June 24, 2014
Pest attacks can lead to bigger crop yields
Most farmers fight a constant battle against damaging insects. In a plant science version of “keep your friends close but your enemies closer,” Cornell researchers are working with a common potato pest to see if they can activate the natural defenses of potato plants by managing the bugs, rather than eradicating them.
The researchers aim to harness the plants’ physiological responses to environmental stress – such as infestation – as a sustainable pest control strategy that increases yields and reduces insect damage at the same time.
With seed funding from a 2011 Academic Venture Fund (AVF) award from the Atkinson Center for a Sustainable Future, entomologist Jennifer Thaler, associate professor of ecology and evolutionary biology, led a multidisciplinary team that worked with farmers in the Andes to learn more about how infestation by the local scourge of tuber moths actually helped some potato plants produce up to twice the usual yield of potatoes by harvest. These plants responded to a moderate infestation by “overcompensating” and ramping up production above the losses caused by the insect.
A team member’s previous research had identified one Colombian potato variety that responds to moth damage with robust yields. The AVF fieldwork pinpointed a second variety that is an effective trap crop. By growing a decoy plant that the moths especially like to eat alongside the potato with powerful natural defenses, farmers are able to control the amount of damage to the majority of their crop – enough damage to activate the extra growth, without excessively taxing the plant. This push-pull strategy could help farmers around the world get bigger harvests from each acre of existing farmland, without pesticides, say the researchers.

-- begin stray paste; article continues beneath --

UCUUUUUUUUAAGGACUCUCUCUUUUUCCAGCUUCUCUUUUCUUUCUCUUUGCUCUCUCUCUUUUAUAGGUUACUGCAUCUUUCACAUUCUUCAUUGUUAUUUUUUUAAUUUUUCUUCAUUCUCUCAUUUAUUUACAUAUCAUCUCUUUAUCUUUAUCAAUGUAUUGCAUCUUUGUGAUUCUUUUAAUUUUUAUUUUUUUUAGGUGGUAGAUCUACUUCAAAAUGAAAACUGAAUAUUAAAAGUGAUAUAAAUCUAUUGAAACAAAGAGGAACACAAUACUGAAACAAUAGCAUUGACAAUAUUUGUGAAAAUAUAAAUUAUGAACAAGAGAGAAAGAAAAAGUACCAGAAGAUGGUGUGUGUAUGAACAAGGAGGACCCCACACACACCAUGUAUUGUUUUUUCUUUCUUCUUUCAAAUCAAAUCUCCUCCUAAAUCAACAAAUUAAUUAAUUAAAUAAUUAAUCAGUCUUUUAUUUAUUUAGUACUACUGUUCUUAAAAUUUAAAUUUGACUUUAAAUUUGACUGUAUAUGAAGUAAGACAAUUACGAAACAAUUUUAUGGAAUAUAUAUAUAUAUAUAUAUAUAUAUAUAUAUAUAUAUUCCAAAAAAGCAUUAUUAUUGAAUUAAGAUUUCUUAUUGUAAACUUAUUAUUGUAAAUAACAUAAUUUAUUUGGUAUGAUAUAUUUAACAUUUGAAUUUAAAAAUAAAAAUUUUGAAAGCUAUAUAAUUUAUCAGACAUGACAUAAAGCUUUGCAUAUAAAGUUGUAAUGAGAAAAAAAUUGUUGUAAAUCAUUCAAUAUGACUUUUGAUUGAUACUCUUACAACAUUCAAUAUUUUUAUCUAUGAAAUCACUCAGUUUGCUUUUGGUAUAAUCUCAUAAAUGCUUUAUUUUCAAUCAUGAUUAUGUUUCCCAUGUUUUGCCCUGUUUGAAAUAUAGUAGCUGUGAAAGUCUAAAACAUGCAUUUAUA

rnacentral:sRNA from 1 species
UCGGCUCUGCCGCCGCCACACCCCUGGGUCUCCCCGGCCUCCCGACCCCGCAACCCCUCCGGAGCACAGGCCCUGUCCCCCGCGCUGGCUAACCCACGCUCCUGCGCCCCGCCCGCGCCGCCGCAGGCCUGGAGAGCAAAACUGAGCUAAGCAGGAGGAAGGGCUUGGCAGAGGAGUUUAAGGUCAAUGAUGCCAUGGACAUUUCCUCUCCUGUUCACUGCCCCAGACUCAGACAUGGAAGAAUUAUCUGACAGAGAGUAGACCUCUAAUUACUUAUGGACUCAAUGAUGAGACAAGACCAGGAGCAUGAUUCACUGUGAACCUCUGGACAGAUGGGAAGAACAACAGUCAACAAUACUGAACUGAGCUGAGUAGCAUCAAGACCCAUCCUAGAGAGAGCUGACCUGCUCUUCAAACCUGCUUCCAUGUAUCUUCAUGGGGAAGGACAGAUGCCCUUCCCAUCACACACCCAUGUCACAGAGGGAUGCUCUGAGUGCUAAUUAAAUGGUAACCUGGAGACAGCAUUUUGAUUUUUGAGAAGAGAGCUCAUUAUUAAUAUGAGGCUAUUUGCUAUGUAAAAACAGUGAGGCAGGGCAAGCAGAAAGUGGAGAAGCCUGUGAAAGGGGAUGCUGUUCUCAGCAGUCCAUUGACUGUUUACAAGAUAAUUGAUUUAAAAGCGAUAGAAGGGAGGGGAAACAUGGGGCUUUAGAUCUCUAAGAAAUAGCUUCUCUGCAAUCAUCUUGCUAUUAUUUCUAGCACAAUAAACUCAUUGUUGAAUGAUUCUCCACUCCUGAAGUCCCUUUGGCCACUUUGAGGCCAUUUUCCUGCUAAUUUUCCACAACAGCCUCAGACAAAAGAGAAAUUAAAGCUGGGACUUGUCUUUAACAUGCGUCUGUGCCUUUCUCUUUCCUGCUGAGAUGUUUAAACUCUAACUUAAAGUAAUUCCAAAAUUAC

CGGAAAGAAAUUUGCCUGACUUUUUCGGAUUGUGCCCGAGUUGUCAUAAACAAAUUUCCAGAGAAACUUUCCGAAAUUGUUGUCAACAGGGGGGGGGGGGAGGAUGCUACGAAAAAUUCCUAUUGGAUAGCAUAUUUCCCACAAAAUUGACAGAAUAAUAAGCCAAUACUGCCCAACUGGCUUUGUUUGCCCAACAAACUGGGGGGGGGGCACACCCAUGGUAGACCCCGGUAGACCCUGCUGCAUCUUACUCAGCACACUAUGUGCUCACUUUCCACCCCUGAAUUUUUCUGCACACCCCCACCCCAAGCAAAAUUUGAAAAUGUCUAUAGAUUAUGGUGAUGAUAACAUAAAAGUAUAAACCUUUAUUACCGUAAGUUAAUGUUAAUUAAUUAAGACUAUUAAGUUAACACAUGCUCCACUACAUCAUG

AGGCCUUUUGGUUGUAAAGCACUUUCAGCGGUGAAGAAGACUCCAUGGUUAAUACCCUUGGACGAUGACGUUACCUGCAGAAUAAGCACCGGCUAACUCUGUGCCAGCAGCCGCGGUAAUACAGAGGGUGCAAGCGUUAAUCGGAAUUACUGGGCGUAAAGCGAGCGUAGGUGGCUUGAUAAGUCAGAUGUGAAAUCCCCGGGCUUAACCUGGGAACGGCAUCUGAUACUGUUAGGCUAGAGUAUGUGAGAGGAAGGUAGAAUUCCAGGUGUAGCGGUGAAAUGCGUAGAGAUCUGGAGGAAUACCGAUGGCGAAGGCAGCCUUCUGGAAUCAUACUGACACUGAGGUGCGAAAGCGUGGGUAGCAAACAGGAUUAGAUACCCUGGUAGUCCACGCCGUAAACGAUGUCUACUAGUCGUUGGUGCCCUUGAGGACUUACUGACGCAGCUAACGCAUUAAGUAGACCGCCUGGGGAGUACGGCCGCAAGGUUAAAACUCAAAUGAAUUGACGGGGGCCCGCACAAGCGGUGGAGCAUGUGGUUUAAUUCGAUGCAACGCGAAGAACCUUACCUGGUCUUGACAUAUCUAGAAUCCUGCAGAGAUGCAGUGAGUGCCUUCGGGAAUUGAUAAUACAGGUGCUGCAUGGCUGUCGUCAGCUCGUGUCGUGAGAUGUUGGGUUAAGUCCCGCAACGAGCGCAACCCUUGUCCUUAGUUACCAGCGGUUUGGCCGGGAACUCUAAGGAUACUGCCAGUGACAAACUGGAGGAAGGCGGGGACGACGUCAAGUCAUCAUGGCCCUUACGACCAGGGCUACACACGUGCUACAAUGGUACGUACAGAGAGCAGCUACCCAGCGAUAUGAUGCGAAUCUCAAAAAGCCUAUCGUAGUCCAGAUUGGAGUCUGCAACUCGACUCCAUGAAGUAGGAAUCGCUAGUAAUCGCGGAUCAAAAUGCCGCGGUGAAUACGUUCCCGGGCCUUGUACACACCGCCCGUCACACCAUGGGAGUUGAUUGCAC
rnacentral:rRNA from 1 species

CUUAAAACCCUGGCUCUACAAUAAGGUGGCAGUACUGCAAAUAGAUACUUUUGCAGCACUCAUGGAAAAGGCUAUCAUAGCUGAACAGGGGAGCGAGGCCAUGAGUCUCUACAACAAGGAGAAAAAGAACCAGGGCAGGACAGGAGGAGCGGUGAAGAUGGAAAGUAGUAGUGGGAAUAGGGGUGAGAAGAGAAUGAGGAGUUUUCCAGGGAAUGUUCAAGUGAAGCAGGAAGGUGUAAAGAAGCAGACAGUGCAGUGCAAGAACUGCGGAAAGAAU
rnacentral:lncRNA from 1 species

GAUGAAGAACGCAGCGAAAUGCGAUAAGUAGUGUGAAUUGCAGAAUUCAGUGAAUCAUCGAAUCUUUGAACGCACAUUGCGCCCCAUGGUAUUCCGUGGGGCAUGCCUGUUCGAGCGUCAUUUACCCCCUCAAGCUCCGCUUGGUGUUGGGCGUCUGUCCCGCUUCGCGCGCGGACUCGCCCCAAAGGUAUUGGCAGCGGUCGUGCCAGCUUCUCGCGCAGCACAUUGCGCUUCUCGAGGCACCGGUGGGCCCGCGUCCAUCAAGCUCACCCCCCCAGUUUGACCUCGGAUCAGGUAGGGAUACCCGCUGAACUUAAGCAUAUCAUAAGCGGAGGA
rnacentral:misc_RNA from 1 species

Now plant biologist Georg Jander, associate professor, and assistant professor of entomology Katja Poveda, collaborators on the AVF research, are launching a study of the overcompensating potato variety to determine what genetic and physiological factors kick-start the plant’s growth.
“Once we have identified the mechanisms by which the tuber moth promotes tuber growth,” Jander explained, “we can apply these mechanisms to increase yield in other potato varieties.” The new project recently received three-year funding of $498,000 from the U.S. Department of Agriculture (USDA).
Potatoes are indigenous to the Andes and remain a staple crop in South America, where more than 3,000 varieties are grown. The AVF-funded research confirmed local farmers’ interest in sustainable pest control.
“We learned that farmers value the health benefits from an alternative pest management strategy much more than we anticipated,” Poveda said. “They are aware of the health consequences of using insecticides and willing to change to alternatives if they do not compromise the productivity of the crop.” In the third year of the USDA grant, the Cornell team will return to Colombia to test the potato in field trials across different altitudes, soils and climate conditions.
An important goal of AVF is to promote effective teamwork across departments. Poveda, for example, collaborates with faculty members who contributed to the AVF research in Colombia, including Miguel Gómez, associate professor of applied economics and management. “My collaboration with Miguel helped me to understand more about the farmers’ needs. I think it will be a lifelong collaboration,” she reflected. “We plan to investigate the ecological and economic consequences of plant-pest and plant-pollinator interaction in different crops – not just in tropical countries, including Colombia, but also in New York state.”
Sheri Englund is a science writer/editor for Cornell's Atkinson Center for a Sustainable Future.
Susan S. Lang